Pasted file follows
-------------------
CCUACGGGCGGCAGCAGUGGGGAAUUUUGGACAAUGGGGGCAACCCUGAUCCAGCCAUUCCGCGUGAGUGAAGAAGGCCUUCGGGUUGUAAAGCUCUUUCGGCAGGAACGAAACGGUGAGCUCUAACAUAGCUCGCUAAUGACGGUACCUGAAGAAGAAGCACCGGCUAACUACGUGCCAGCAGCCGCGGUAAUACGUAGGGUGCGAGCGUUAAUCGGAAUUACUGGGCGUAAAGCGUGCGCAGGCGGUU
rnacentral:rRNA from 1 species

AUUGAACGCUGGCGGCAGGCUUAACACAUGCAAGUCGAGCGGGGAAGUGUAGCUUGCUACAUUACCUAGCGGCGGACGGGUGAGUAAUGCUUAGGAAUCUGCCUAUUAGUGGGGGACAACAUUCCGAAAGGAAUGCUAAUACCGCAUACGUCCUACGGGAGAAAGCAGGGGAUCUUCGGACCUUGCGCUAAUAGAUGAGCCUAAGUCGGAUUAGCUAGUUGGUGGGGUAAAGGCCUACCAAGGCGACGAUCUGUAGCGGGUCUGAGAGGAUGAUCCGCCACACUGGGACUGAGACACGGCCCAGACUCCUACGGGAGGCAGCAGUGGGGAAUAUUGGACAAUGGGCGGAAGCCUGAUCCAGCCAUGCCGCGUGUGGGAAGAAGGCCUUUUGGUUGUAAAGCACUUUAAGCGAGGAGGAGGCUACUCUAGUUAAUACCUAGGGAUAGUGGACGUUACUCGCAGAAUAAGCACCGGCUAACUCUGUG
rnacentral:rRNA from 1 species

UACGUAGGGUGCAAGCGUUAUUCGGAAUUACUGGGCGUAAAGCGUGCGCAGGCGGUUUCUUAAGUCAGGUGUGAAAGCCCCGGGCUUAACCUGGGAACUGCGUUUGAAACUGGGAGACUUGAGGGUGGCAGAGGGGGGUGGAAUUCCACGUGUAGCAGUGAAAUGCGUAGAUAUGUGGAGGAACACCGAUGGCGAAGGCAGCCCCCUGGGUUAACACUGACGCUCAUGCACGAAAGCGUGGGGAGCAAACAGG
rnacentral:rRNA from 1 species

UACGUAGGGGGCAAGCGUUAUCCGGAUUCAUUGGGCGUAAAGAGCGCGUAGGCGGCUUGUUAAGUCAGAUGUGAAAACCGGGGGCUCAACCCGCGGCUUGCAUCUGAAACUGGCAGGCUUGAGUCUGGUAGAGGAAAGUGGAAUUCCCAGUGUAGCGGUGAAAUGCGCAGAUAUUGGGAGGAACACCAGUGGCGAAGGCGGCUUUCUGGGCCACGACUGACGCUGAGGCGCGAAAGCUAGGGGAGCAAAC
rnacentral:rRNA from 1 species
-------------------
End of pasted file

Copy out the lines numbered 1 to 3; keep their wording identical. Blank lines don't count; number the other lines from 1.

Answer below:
CCUACGGGCGGCAGCAGUGGGGAAUUUUGGACAAUGGGGGCAACCCUGAUCCAGCCAUUCCGCGUGAGUGAAGAAGGCCUUCGGGUUGUAAAGCUCUUUCGGCAGGAACGAAACGGUGAGCUCUAACAUAGCUCGCUAAUGACGGUACCUGAAGAAGAAGCACCGGCUAACUACGUGCCAGCAGCCGCGGUAAUACGUAGGGUGCGAGCGUUAAUCGGAAUUACUGGGCGUAAAGCGUGCGCAGGCGGUU
rnacentral:rRNA from 1 species

AUUGAACGCUGGCGGCAGGCUUAACACAUGCAAGUCGAGCGGGGAAGUGUAGCUUGCUACAUUACCUAGCGGCGGACGGGUGAGUAAUGCUUAGGAAUCUGCCUAUUAGUGGGGGACAACAUUCCGAAAGGAAUGCUAAUACCGCAUACGUCCUACGGGAGAAAGCAGGGGAUCUUCGGACCUUGCGCUAAUAGAUGAGCCUAAGUCGGAUUAGCUAGUUGGUGGGGUAAAGGCCUACCAAGGCGACGAUCUGUAGCGGGUCUGAGAGGAUGAUCCGCCACACUGGGACUGAGACACGGCCCAGACUCCUACGGGAGGCAGCAGUGGGGAAUAUUGGACAAUGGGCGGAAGCCUGAUCCAGCCAUGCCGCGUGUGGGAAGAAGGCCUUUUGGUUGUAAAGCACUUUAAGCGAGGAGGAGGCUACUCUAGUUAAUACCUAGGGAUAGUGGACGUUACUCGCAGAAUAAGCACCGGCUAACUCUGUG